22. 

R. J. Marshall et al., “Improving depth estimation from a plenoptic camera by patterned illumination,” Proc. SPIE, 9528 952815 (2015). https://doi.org/10.1117/12.2184742 PSISDG 0277-786X Google Scholar

23. 

R. Marshall et al., “Plenoptic imaging of the retina: can it resolve depth in scattering tissues?,” in Biomed. Opt., BM3A.60 (2014). Google Scholar

24. 

W. Singer, M. Totzeck and H. Gross, Handbook of Optical Systems, Wiley-VCH, Weinheim (2005). Google Scholar

25. 

A. Weber et al., “Polarimetric imaging and blood vessel quantification,” Opt. Express, 12 (21), 5178 (2004). https://doi.org/10.1364/OPEX.12.005178 OPEXFF 1094-4087 Google Scholar

26. 

K. Saleh et al., Erweiterung eines Gefäßmodells zur Validierung von Gefäßmessalgorithmen in der Retina sowie theoretische und experimentelle Untersuchungen zu Messfehlerquellen der Gefäßanalyse, Univ.-Verl, Ilmenau (2009). Google Scholar

27. 

C. Heinze et al., “Automated robust metric calibration of multi-focus plenoptic cameras,” in IEEE Int. Instrum. and Meas. Technol. Conf. (I2MTC) Proc., 2038 –2043 (2015). https://doi.org/10.1109/I2MTC.2015.7151596 Google Scholar

28. 

R. Park et al., “Wavelength dependence of the apparent diameter of retinal blood vessels,” Appl. Opt., 44 (10), 1831 –1837 (2005). https://doi.org/10.1364/AO.44.001831 APOPAI 0003-6935 Google Scholar

29. 

D. J. Mordant et al., “Spectral imaging of the retina,” Eye, 25 (3), 309 –320 (2011). https://doi.org/10.1038/eye.2010.222 12ZYAS 0950-222X Google Scholar

30. 

A. E. Elsner et al., “Infrared imaging of sub-retinal structures in the human ocular fundus,” Vision Res., 36 (1), 191 –205 (1996). https://doi.org/10.1016/0042-6989(95)00100-E VISRAM 0042-6989 Google Scholar

31. 

H. Ginis et al., “Impact of the retinal reflection on the wide-angle point spread function of the human eye,” Investig. Ophthalmol. Vis. Sci., 54 (15), 1285 –1285 (2013). IOVSDA 0146-0404 Google Scholar

32. 

K. Deguchi et al., “3D fundus shape reconstruction and display from stereo fundus images,” IEICE Trans. Inf. Syst., 83 (7), 1408 –1414 (2000). ITISEF 0916-8532 Google Scholar

33. 

M. F. Coughlan, T. Mihashi and A. V. Goncharov, “Opto-mechanical design of a dispersive artificial eye,” Appl. Opt., 56 (15), 4338 (2017). https://doi.org/10.1364/AO.56.004338 APOPAI 0003-6935 Google Scholar

34. 

A. Drauschke et al., “Mechanical eye model for comparison of optical and physiological imaging properties,” IFAC Proc., 46 (28), 1 –12 (2013). https://doi.org/10.3182/20130925-3-CZ-3023.00064 IPSEET Google Scholar

35. 

J. Polans et al., “Wide-field optical model of the human eye with asymmetrically tilted and decentered lens that reproduces measured ocular aberrations,” Optica, 2 (2), 124 (2015). https://doi.org/10.1364/OPTICA.2.000124 Google Scholar

36. 

A. V. Goncharov et al., “Inverse optical design: building and testing an artificial eye,” Proc. SPIE, 7390 739005 (2009). https://doi.org/10.1117/12.827722 PSISDG 0277-786X Google Scholar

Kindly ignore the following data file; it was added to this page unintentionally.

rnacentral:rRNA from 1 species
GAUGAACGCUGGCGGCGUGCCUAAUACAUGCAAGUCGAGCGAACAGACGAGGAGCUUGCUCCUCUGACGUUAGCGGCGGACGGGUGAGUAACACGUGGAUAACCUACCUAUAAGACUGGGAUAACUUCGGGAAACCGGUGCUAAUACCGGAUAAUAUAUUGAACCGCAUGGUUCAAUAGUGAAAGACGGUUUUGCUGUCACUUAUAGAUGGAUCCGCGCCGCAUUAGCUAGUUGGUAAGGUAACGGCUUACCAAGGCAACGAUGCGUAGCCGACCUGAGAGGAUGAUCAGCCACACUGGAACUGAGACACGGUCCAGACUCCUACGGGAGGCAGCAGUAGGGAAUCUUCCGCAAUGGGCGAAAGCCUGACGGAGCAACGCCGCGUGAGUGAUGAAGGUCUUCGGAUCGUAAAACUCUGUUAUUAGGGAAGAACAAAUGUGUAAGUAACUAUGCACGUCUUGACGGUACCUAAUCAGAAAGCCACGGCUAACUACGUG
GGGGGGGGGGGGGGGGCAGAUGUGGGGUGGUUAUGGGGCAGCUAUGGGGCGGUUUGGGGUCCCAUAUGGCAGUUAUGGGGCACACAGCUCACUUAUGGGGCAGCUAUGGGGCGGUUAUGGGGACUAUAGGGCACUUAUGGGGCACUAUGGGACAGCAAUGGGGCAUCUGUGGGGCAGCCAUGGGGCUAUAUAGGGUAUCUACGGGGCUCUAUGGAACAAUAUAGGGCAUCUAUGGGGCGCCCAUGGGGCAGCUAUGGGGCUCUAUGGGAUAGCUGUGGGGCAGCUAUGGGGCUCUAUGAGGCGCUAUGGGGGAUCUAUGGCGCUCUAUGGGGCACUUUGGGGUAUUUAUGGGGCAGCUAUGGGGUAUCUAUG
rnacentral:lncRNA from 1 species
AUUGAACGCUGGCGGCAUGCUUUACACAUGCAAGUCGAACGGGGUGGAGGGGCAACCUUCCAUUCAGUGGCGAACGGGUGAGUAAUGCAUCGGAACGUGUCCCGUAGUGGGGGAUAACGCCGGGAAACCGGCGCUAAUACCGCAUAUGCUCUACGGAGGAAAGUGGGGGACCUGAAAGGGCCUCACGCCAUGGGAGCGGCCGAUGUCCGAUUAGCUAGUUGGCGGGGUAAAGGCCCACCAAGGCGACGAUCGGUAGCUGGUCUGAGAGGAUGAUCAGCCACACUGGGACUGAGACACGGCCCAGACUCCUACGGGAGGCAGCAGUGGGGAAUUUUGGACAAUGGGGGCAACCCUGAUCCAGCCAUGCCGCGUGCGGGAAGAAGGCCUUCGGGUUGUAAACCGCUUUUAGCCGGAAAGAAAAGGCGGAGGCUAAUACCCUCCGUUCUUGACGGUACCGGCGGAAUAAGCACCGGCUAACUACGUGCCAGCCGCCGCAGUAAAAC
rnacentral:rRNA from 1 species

37. 

A. Arianpour et al., “An optomechanical model eye for ophthalmological refractive studies,” J. Refract. Surg., 29 (2), 126 –132 (2013). https://doi.org/10.3928/1081597X-20130117-08 JRSUEY 0883-0444 Google Scholar

38. 

A. Drauschke, “Comparison of numerical eye models and its representation within a mechanical eye model*,” IFAC-PapersOnLine, 49 (25), 133 –138 (2016). https://doi.org/10.1016/j.ifacol.2016.12.023 Google Scholar

39. 

S. K. Gardiner, C. A. Johnson and S. Demirel, “Factors predicting the rate of functional progression in early and suspected glaucoma,” Invest. Ophthalmol. Vis. Sci., 53 (7), 3598 (2012). https://doi.org/10.1167/iovs.11-9065 IOVSDA 0146-0404 Google Scholar

40. 

S. Miglior et al., “Predictive value of Heidelberg retina tomograph parameters for the development of glaucoma in the European Glaucoma Prevention Study,” Am. J. Ophthalmol., 159 (2), 265 –276.e1 (2015). https://doi.org/10.1016/j.ajo.2014.10.028 AJOPAA 0002-9394 Google Scholar

Biography

Stefan Schramm received his diploma degree in mechanical engineering from the Technische Universität Ilmenau in 2007 and his PhD in biomedical engineering from the Institute of Biomedical Engineering and Informatics in 2018. He is a research fellow at the Technische Universität Ilmenau. His current research interests include light field fundus imaging, ophthalmic diagnostic devices, straylight, and scatter measurement in the human eye.

Biographies of the other authors are not available.

© The Authors. Published by SPIE under a Creative Commons Attribution 4.0 International License. Distribution or reproduction of this work in whole or in part requires full attribution of the original publication, including its DOI.
Stefan Schramm, Alexander Dietzel, Dietmar Link, Maren-Christina Blum, and Sascha Klee "3D retinal imaging and measurement using light field technology," Journal of Biomedical Optics 26(12), 126002 (17 December 2021). https://doi.org/10.1117/1.JBO.26.12.126002
Received: 10 June 2021; Accepted: 6 December 2021; Published: 17 December 2021
JOURNAL ARTICLE
19 PAGES


SHARE
Advertisement
Advertisement
Back to Top